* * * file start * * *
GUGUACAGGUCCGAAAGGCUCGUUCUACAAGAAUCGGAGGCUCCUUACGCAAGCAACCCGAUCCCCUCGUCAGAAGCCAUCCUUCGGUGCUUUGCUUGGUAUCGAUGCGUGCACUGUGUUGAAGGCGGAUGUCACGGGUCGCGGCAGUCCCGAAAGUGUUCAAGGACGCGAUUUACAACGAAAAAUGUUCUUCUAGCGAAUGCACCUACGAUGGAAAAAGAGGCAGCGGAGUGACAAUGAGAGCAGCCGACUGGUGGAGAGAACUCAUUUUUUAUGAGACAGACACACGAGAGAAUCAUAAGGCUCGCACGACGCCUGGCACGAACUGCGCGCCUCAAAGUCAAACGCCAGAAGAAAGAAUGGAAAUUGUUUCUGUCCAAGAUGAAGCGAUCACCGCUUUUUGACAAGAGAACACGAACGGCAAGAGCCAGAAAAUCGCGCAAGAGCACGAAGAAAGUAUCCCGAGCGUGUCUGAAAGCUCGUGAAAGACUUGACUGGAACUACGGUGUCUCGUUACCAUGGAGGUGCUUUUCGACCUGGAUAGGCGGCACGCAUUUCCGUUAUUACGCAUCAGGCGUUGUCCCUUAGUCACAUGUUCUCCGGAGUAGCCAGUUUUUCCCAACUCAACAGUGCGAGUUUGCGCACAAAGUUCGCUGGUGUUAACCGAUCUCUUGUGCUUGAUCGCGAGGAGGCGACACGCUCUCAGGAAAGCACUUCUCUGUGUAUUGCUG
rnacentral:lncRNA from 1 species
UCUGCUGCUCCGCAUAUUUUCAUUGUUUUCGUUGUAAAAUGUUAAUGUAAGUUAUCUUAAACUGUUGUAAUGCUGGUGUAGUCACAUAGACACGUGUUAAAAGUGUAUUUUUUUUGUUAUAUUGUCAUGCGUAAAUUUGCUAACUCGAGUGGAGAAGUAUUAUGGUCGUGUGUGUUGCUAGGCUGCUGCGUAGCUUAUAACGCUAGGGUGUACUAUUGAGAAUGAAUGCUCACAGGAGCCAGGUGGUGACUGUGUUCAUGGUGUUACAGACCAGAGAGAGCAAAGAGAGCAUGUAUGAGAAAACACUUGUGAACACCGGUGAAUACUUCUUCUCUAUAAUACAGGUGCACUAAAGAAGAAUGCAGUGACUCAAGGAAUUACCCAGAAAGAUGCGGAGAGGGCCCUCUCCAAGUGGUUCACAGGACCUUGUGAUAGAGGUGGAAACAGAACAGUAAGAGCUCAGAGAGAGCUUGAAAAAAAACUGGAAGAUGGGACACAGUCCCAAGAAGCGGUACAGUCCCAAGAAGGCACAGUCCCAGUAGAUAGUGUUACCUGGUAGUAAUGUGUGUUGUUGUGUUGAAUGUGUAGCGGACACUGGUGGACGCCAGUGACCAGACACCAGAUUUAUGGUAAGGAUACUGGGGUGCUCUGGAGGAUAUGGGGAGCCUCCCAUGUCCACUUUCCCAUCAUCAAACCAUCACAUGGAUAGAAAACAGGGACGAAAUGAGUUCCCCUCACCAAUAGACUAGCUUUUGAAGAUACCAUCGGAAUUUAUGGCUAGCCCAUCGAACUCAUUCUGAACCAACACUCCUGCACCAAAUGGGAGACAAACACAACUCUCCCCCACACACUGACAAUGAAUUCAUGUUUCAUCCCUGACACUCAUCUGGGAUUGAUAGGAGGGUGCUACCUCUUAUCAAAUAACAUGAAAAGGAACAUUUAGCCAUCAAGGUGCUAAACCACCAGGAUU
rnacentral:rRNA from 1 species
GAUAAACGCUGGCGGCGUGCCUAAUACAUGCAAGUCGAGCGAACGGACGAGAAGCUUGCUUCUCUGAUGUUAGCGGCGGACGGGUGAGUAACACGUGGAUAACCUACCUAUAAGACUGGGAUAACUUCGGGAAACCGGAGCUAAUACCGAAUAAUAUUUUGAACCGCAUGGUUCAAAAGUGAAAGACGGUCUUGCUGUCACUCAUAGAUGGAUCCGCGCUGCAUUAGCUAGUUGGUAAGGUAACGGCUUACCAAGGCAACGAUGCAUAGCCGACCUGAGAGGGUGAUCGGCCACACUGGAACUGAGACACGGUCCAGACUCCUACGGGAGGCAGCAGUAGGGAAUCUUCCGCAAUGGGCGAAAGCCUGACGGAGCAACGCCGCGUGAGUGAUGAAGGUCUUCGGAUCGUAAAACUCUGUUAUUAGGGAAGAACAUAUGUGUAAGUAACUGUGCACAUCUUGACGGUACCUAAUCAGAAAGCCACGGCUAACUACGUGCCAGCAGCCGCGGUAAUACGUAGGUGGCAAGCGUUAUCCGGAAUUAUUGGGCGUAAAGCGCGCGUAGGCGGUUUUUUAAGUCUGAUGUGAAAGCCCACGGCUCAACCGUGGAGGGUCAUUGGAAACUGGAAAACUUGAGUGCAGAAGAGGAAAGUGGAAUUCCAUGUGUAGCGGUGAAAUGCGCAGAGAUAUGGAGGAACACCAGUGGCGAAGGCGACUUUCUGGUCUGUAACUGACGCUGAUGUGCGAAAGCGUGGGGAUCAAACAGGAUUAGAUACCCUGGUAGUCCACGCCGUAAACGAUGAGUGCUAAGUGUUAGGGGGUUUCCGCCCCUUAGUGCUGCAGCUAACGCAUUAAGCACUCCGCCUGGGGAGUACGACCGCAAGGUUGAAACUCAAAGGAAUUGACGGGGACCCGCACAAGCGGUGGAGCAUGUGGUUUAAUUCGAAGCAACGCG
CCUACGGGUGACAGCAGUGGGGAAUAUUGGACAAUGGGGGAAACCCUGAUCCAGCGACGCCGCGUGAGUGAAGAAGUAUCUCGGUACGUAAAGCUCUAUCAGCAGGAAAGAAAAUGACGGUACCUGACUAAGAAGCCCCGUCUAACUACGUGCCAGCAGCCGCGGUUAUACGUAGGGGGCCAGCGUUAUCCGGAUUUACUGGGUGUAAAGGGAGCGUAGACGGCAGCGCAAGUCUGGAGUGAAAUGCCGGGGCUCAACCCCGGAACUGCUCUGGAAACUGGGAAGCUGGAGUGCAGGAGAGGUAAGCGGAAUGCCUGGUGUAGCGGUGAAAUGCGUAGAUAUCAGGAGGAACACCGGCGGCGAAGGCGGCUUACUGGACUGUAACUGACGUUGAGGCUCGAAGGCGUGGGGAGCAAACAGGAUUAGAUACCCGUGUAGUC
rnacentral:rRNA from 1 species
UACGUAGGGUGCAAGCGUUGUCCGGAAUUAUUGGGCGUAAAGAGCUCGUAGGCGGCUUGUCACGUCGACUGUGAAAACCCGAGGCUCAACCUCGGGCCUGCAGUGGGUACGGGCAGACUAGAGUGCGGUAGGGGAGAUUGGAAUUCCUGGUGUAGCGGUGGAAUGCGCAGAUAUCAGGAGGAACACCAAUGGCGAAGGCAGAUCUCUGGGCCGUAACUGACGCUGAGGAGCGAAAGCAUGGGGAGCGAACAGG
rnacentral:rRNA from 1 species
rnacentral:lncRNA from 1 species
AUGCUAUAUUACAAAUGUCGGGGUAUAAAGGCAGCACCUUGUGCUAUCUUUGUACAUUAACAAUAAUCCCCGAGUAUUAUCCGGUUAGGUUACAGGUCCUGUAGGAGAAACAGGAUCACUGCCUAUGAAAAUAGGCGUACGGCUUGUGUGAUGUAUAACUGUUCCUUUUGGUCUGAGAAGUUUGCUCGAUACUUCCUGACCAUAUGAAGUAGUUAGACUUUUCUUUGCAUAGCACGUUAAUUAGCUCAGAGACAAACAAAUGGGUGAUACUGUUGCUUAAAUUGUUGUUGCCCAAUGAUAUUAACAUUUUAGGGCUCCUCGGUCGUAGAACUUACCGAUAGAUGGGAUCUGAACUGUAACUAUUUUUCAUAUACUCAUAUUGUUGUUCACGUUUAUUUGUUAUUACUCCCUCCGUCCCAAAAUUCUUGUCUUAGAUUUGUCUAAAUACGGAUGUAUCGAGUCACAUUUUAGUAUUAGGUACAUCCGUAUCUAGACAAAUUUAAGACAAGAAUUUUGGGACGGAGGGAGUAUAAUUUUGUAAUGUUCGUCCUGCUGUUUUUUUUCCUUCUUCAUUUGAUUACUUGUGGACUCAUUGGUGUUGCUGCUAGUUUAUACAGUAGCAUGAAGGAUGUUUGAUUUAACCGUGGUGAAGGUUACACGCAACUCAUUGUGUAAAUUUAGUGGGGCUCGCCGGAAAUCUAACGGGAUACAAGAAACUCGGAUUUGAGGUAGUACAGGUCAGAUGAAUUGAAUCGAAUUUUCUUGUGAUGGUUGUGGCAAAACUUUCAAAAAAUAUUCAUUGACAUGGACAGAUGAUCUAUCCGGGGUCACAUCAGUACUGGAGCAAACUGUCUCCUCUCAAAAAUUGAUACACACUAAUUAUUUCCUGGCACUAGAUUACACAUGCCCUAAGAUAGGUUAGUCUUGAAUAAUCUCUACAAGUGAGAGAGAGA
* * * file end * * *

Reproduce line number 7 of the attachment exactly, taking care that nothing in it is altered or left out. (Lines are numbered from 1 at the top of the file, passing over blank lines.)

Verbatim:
rnacentral:rRNA from 1 species